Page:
Legacy of Stewardship:

Ultimately, investing in Niseko's hospitality sector is about more than just financial gain—it's about building a legacy of stewardship and responsibility. By following the principles of sustainability, embracing Ainu culture, and fostering community connections, property owners can leave a positive impact that extends far beyond their own lifetimes, echoing the timeless wisdom of the Ainu people.


People watching traditional dance performed at the opening of the Ainu cultural facility "Ethnic Coexistence Symbol Space (Upopoi)"
The National Symbolic Space, the country's first national museum dedicated to the Ainu people

As Niseko's tourism industry continues to thrive, there's an urgent need to shift towards a more sustainable and culturally respectful approach to development and hospitality. By drawing inspiration from the Ainu's deep reverence for the land and integrating their rich cultural heritage into modern investments, property owners can create a legacy that honours the past, enriches the present, and ensures a vibrant and sustainable future for Niseko and its communities.



 


Jo Lodder enjoying the countryside with his dog Simba

Jo Lodder is a leading figure in the property industry, serving as the co-founder of JNW Properties Ltd, a dynamic property marketing firm specializing in Niseko projects. His entrepreneurial drive is underscored by notable accomplishments, notably becoming the first individual to conquer the challenging HK5Trails. Complementing his business acumen, Jo is also an avid sustainability practitioner, leveraging his expertise to champion eco-conscious practices within the property sector. Additionally, through his philanthropic endeavours with Action Asia Foundation, he demonstrates a commitment to making a tangible impact, particularly in enhancing the lives of individuals with disabilities in Hong Kong.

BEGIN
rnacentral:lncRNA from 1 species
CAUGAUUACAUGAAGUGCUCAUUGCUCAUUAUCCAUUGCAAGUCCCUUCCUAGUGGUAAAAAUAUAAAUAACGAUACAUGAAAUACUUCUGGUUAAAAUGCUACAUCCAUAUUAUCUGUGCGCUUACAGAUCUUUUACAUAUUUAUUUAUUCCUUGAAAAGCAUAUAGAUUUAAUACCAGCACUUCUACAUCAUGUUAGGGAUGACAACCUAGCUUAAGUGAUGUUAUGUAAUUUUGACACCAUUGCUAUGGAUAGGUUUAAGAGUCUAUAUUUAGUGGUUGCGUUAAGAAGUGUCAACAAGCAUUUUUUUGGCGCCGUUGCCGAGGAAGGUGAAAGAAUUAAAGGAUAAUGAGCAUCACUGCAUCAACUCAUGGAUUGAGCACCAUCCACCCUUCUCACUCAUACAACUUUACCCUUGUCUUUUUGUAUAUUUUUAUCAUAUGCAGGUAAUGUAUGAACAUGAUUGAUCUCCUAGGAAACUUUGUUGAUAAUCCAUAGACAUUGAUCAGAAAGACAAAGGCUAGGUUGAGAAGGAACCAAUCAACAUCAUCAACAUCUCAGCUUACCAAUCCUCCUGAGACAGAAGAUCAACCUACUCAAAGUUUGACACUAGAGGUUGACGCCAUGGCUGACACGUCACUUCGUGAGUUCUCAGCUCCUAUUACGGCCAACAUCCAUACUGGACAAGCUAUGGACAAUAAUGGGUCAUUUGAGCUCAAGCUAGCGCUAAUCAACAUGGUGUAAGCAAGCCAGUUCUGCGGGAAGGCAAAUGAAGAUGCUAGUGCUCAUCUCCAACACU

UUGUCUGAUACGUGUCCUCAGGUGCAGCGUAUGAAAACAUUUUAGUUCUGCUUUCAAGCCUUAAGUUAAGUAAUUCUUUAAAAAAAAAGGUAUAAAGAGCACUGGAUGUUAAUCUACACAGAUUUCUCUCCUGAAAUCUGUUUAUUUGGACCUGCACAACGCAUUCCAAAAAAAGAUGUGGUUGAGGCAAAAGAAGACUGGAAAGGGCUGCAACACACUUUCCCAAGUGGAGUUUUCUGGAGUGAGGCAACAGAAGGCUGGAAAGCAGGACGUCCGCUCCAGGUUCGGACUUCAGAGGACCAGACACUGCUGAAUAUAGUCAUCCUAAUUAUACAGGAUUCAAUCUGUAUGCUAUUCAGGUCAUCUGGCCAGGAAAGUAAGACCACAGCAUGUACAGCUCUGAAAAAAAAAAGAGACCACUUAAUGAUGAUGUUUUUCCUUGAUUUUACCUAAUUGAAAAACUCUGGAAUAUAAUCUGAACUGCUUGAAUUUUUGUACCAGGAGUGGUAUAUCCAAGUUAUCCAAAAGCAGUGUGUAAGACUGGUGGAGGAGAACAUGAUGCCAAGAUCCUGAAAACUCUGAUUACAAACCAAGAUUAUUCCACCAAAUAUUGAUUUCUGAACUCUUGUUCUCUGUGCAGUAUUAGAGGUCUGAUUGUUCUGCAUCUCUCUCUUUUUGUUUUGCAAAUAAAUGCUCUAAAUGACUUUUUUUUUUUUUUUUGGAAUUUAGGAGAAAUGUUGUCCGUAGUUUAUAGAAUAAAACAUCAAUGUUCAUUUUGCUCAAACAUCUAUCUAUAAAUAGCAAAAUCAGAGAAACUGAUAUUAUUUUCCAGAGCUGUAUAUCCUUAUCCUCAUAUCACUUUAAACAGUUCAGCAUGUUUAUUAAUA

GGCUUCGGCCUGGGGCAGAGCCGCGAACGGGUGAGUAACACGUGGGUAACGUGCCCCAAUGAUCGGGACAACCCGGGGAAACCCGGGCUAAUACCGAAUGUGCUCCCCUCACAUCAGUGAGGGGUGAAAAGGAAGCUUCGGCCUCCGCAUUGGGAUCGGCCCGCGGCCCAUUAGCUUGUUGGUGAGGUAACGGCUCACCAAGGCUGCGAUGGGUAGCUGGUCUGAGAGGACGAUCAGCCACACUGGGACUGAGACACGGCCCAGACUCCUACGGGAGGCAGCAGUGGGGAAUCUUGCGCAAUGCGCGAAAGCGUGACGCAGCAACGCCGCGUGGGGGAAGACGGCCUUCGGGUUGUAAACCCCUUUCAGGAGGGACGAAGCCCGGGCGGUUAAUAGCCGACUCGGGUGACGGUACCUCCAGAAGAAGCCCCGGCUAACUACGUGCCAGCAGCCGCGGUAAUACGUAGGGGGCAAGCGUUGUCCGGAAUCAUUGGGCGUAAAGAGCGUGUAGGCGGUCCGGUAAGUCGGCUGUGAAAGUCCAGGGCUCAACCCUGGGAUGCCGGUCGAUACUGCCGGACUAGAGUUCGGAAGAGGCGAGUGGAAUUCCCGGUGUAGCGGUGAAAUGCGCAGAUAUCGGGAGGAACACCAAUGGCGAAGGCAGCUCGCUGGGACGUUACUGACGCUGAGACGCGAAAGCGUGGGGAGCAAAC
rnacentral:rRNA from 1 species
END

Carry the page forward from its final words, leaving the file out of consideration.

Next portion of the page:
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JNW specializes in marketing and selling exceptional properties in Niseko, Japan, and Koh Samui, Thailand. We handpick and passionately represent properties we know and love, ensuring our clients receive the best possible experience.
Experience Excellence with JNW Properties Ltd - Your Trusted Property Partner.

JNW specializes in marketing and selling exceptional properties in Niseko, Japan, and Koh Samui, Thailand. We handpick and passionately represent properties we know and love, ensuring our clients receive the best possible experience.


Our services go beyond sales. We offer comprehensive property management solutions, from finding skilled managers to overseeing day-to-day operations. Trust us to handle every detail.


Whether you're looking to buy or manage a property, JNW is here to help.


Contact us today and discover the difference we can make for you.


Our Businesses

SnowDog Village: www.snowdogniseko.com

Raku Ichi Residences: www.rakuichiniseko.com